For Erin Levy, the best part of being a School Resource Officer (SRO) is developing relationships with the kids at her middle school and helping them through any challenges they may be facing. After 19 years as a police officer in Yakima, Washington, she’s become familiar with the fear that many people attach to law enforcement, and she wants to help paint a different picture. “A lot of kids that I work with grow up thinking of police officers as scary figures. If they’re acting up or getting in trouble, parents will threaten to call the police—but there’s so much more that police officers do in the community.” She explains.
Going Above and Beyond
But Erin doesn’t stop there. Going above and beyond the call of duty, for the past three years Erin has chosen families in need from the middle school where she works, and coordinated with the police department to provide food, presents, and even a tree during the holiday season. The department provides funds for this outreach, but Erin also dips into her own pocket to give each family a special holiday season. Reaching out to establish these connections with families reinforces the positive image that Erin helps create for the middle school students. “It makes a difference with the parents too,” Erin remarks, “one of the mothers that we provided for at Christmas reaches out to me pretty regularly now—anytime she has concerns about something happening at school. That probably wouldn’t have happened before.”
One might say public service is in Erin’s blood. Her father worked for the FBI, and she has one brother who is in law enforcement and another who is a firefighter. Even with that pedigree, Erin didn’t immediately rush into law enforcement. “She’s always been adamant about fitness, and she had a soccer scholarship in college,” explains her husband, Brett, “at first she started out as a program director/aerobics instructor at the local Y but it wasn’t a good fit. She applied to be a police officer and got the job right away. Now she’s been an officer for nearly 20 years.”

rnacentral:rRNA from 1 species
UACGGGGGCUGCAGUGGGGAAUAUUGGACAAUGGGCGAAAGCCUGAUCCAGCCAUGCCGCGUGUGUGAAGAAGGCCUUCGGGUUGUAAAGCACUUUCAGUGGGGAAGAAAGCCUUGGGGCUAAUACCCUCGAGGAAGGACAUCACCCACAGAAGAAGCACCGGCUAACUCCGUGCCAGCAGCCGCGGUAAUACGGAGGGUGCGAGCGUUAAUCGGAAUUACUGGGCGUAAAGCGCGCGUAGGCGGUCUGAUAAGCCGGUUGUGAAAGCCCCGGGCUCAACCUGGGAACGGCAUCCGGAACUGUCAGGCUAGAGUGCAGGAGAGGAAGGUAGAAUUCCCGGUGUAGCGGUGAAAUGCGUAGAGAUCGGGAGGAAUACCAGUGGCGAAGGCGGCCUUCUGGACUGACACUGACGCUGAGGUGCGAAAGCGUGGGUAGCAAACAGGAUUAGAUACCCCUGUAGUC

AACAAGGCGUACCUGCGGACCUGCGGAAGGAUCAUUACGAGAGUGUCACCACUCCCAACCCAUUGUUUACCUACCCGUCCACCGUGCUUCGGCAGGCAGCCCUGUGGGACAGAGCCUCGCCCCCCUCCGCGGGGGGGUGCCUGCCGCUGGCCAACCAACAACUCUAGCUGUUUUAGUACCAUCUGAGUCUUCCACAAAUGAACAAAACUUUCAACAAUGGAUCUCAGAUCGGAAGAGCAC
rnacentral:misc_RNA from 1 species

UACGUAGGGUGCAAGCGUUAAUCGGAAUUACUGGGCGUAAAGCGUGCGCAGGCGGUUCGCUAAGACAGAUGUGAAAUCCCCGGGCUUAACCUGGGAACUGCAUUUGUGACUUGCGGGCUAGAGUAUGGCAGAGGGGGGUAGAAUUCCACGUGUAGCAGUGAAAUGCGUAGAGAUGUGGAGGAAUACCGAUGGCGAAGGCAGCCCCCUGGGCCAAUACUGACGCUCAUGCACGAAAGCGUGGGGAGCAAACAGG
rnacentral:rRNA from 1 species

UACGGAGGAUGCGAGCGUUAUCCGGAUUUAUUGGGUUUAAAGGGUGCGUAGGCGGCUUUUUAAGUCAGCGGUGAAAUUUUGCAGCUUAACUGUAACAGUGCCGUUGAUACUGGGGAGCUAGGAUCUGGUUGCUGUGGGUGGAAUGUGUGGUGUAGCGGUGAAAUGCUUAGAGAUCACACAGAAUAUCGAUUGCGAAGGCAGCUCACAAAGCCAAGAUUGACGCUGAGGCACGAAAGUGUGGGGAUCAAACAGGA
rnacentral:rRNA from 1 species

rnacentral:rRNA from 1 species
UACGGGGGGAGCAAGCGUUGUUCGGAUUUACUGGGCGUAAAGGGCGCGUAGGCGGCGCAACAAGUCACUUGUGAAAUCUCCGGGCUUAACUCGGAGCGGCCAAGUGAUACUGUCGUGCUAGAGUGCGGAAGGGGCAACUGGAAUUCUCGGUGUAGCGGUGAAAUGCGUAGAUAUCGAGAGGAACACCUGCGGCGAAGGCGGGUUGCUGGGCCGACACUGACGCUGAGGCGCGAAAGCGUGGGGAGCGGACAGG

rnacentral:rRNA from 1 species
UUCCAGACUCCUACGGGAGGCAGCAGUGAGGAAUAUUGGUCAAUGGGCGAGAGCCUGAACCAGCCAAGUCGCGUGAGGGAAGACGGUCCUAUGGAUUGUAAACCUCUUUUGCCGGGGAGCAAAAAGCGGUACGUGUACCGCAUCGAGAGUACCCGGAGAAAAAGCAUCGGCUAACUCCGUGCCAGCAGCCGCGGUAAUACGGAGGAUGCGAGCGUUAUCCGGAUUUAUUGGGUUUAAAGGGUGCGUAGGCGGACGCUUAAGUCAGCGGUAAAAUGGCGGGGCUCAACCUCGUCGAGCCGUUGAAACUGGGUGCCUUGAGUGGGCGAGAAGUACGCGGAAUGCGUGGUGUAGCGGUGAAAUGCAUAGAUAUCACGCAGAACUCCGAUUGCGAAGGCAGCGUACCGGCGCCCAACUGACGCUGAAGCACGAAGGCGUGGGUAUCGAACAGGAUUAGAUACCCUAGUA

Special Olympics & Marathons
As a School Resource Officer, Erin has found her niche. Better yet, the job has only accentuated her passion for physical fitness. Every year, as part of the Special Olympics torch run, Erin runs a race from Lewiston, Idaho to Tacoma, Washington. “She’s been involved with the Special Olympics since before I even met her,” recalls Brett, “and she only took a couple of years off when she was pregnant with her second child Cooper.” Most recently, Erin ran a marathon in Huntington Beach, California. Not only did she finish in fifth place for her age group, she also accomplished her goal by qualifying for the Boston Marathon next April.
“I’m so impressed with her drive,” Brett says, “She always stays positive and has so much energy to get things done. She works, she exercises, she takes care of our family. She’s always on the go doing things for other people.”
Wholesome to the Core
“For me, law enforcement has always been a positive thing.” She says, “Growing up, my dad helped instill the spirit of service in me. Especially when you work with kids you have a chance to make a positive impact. Sometimes when I finally get through to a student, they’ll come to me to talk on a more friendly level. That’s a big win. The more we can do to facilitate conversation and personal interaction, the better. Middle school can be a tough time. I initially chose to be placed in the middle school because my daughter was in middle school at the time, and I was familiar with that age group, but I’ve stayed because I know I can make a difference here.”
Rainier Fruit is truly honored to call Erin Levy a Wholesome Hero.